You’ve saved: $200,000
What you need to save per month: $3,040

The figures assume the money is invested in a tax-deferred retirement account, earning 8 percent annually with all earnings reinvested.

Florida Enacts Domestic Violence Leave Law

by National Peo National Peo No Comments

A new Florida law that took effect July 1, 2007, requires employers with 50 or more employees to provide up to three days’ leave for a variety of activities connected with domestic violence. Employees who have worked for employers for three months or longer are eligible. Whether leave is paid or unpaid has been left to the discretion of the employer.

The law covers leave for specific activities such as:

• Seeking an injunction for protection against domestic violence.

• Obtaining medical care or mental health counseling or both for the employee or a family or household member to address injuries resulting from domestic violence.

• Obtaining services from victims services organizations such as a domestic violence shelter or rape crisis center.

• Making the employee’s home secure from the perpetrator of domestic violence or finding a new home to escape the perpetrator.

• Seeking legal assistance to address issues arising from domestic violence or attending or preparing for court-related proceedings arising from the act of domestic violence.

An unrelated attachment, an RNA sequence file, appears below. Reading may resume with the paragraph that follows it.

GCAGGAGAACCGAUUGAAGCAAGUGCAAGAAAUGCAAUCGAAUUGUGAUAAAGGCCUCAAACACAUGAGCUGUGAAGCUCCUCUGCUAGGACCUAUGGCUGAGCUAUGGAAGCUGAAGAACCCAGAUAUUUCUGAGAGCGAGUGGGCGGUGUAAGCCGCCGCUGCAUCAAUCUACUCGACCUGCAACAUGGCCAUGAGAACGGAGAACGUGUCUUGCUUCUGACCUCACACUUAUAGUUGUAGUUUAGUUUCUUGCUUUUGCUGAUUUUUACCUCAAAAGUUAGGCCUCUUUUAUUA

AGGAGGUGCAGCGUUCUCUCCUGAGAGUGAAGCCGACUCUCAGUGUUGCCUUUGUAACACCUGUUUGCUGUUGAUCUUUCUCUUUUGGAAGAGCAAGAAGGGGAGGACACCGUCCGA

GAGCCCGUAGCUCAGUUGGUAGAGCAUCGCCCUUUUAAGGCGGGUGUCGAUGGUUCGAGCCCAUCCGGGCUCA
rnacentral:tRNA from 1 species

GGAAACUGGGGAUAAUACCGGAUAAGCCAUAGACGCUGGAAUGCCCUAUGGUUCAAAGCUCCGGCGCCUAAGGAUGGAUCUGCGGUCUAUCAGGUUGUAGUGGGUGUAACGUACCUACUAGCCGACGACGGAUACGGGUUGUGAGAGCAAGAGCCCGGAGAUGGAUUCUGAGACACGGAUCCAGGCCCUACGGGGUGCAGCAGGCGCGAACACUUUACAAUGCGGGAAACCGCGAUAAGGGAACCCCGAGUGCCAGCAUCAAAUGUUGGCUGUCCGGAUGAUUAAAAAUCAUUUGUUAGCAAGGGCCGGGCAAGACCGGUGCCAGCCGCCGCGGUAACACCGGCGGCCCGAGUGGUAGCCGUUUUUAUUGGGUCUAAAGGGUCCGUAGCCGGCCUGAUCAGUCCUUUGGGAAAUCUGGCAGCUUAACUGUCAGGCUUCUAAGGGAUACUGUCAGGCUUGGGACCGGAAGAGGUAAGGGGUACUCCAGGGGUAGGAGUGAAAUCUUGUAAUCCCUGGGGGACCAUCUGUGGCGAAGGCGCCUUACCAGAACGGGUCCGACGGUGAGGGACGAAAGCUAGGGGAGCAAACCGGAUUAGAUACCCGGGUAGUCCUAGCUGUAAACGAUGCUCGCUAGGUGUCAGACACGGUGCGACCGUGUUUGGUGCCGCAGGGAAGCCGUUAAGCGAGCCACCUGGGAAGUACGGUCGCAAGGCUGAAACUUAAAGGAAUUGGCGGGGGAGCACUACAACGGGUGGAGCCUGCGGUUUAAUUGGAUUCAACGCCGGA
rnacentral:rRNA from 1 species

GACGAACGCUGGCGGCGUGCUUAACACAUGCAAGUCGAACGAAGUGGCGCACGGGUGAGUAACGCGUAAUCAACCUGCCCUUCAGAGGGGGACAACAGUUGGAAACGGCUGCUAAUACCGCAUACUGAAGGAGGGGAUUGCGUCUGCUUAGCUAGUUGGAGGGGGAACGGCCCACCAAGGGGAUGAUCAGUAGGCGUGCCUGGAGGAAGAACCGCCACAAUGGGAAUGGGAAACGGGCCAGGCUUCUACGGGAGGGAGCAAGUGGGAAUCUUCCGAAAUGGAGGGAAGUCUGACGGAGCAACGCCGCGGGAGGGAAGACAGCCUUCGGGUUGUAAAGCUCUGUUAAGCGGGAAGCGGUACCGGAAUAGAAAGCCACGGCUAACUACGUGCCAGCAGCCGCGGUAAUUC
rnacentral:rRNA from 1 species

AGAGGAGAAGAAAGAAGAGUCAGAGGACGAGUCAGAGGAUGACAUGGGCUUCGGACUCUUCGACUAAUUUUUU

Under the new law, employees are required to provide “appropriate advance notice” of the need for leave, unless prevented from doing so because of imminent danger to the health or safety of the employee or a family member. The amount of notice required is determined by company policy. Also, employees must exhaust any available annual vacation or personal leave and sick leave, if applicable, unless the employer waives this requirement.

Employers must keep confidential all information relating to leave for domestic violence.

Employers are prohibited from interfering with, restraining, and denying the exercise or attempt to exercise the rights provided by this law. Additionally, employers may not discriminate or retaliate against an employee for exercising his or her rights. A person claiming to be aggrieved by a violation of the law may file a lawsuit in state circuit court seeking damages (monetary relief such as loss wages and benefits) or equitable relief (such as reinstatement) or both.